Reverb Soundcheck: Torche

All kids who pick up a guitar or bass dream of a day when they can turn everything they own to 11 and shake the foundation of their parents' house. Some get to live that dream. One band of four guys gets to do that every night. That band is Torche. Reverb recently took a roadtrip up to the Catcus Club in Milwaukee to check out the band as they toured to promote their new album, Restarter.

Whether your ear grasps at elements of Black Sabbath — one of the forefathers of what is referred to as stoner rock or doom metal — or more modern bands like Boris or Sunn o))), the combination of droning guitars and grand swathes of low-end grind is infectious and catchy, even whistleable. Some have aptly dubbed it doom pop.

What may sound like a sludgy mess to some is a nuanced set of sculpted tones from a fairly simple gear formula: a great guitar with thick-gauge strings tuned down to A standard (or lower), a high-gain amp pumping 4x12s and a few tried-and-true pedals.

Jonathan Nuñez's Electric Guitar Company Bass (left) and Steve Brooks' Electrical Guitar Company Guitar (right)

Singer Steve Brooks and bassist Jonathan Nuñez each rock models from Electrical Guitar Company (EGC), a brand continuing to innovate where aluminum-necked Travis Bean and Kramer guitars from the 1970s left off. If the weight of a guitar is any indication of tone, the EGC guitars are some of the heaviest around.

On the other side, guitarist Andrew Elstner is slinging a different animal altogether with his German-made semi-hollow Framus Mayfield guitar, something you might more commonly see at a jazz club. While superior build quality runs across the stage, the unsung heroes of the band's gnarly sound are those über-heavy strings (each guitar's low string is a 70-gauge behemoth).

The backline is made of all high-gain amps. The two guitarists each have a Marshall circuit clone powering their 4x12 cabinets. Elstner, who also builds pedals for himself, wired up his own Marshall ’59 Super Lead clone from parts and adorned it with a custom logo with his namesake. The bass rig, on the other hand, is a Magnavox-era Ampeg SVT pumping a full stack of Emperor cabinets, one 4x10 and one 1x15. Played in triplicate, it’s a glorious and ear-splitting affair.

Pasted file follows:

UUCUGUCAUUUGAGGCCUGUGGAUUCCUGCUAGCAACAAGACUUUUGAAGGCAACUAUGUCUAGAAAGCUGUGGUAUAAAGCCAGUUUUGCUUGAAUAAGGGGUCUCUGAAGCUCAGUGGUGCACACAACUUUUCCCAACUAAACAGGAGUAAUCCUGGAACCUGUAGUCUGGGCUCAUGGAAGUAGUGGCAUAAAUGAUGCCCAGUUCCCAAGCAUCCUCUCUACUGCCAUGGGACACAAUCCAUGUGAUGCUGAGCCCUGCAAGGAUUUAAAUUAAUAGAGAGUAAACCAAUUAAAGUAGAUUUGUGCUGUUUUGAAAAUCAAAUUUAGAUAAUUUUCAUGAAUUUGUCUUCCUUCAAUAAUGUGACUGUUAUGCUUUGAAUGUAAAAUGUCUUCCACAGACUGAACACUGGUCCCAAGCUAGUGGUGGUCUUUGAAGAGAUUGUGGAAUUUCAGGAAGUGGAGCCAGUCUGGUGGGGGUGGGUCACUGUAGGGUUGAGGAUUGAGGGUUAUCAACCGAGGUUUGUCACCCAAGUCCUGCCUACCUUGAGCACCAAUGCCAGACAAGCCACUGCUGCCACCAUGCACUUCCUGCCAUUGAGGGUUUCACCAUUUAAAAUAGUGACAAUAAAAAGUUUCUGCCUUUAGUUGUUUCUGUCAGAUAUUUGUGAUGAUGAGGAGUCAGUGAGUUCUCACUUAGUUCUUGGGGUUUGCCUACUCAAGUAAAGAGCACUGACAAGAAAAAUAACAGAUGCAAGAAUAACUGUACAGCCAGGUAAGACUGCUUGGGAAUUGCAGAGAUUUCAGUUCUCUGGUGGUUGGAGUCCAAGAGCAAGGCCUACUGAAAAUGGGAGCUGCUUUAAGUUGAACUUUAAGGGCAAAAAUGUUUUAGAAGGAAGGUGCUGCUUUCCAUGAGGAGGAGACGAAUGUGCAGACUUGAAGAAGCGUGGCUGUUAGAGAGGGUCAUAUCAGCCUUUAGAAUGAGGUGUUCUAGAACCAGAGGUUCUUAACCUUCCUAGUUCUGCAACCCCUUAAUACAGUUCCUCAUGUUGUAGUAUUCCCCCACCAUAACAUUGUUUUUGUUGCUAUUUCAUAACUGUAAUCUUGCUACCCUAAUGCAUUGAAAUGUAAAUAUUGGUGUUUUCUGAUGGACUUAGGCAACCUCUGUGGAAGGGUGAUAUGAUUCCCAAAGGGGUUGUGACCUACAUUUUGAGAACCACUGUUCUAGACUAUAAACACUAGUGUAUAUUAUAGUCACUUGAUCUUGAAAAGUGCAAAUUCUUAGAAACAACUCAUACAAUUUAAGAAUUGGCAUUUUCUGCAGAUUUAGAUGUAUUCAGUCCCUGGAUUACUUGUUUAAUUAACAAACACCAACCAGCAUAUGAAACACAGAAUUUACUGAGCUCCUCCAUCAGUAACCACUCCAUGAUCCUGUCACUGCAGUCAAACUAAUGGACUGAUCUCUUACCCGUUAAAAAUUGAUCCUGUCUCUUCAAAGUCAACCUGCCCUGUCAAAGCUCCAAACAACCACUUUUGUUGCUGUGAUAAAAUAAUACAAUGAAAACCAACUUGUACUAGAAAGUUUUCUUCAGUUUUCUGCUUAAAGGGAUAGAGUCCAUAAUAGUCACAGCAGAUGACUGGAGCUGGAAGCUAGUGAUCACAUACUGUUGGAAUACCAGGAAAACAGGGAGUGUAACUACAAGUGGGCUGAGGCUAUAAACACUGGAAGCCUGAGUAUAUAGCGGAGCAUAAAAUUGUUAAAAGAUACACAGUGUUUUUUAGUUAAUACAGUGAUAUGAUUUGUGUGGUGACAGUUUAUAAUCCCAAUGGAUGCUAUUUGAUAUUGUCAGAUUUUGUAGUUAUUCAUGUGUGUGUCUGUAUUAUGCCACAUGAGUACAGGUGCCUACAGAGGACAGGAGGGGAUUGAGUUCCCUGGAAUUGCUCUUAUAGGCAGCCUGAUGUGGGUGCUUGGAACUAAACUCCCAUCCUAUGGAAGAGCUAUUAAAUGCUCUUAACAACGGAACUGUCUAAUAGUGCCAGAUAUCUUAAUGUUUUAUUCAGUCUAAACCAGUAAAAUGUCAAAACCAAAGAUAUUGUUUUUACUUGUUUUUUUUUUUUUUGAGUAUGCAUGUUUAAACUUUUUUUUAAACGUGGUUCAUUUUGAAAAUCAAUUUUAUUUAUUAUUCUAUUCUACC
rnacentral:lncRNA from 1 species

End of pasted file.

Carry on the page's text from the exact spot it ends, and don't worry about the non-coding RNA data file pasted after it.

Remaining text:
A Marshall '59 Super Lead clone built by Torche guitarist Andrew Elstner

Torche guitarist Andrew Elstner's pedalboard

Torche bassist Jonathan Nuñez's Magnavox-era Ampeg SVT and Emperor cabs

Jonathan Nuñez's bass pedalboard

The function of their pedalboards is more to bring out the best in the guitar/amp combination. Brooks stomps on a simple mix of a Digitech Hardwire SC-2 Valve Distortion, a MXR Phase 90, and a MXR Carbon Copy delay. Elstner’s core board is built around a trio of Digitech Hardwire pedals: the DL-8 Delay Looper, the CM-2 Tube Overdrive and the HT-6 Polyphonic Tuner. He also throws in a Boss DD-5, a Green Ringer and a MXR Micro Amp clone he built. Nuñez’s board is populated with Aguilar Octamizer, Aguilar AGRO Bass Overdrive and the Tone Hammer preamp, with a MXR 10-Band EQ and a Boss RV-3 Reverb to round out the rig.

From the first batch of Emperor cabs the crew dragged in the door, we knew it was going to be loud inside the small room of the Cactus Club. The guys didn’t let us down. It’s always great to see a band on tour, in their element with gear they know and love covered in the dust and grime of a thousand shows. It’s unpretentious road-worn gear like this that thumbs its nose at fake relic guitars and proves its worth night after night. Our ears are still ringing.


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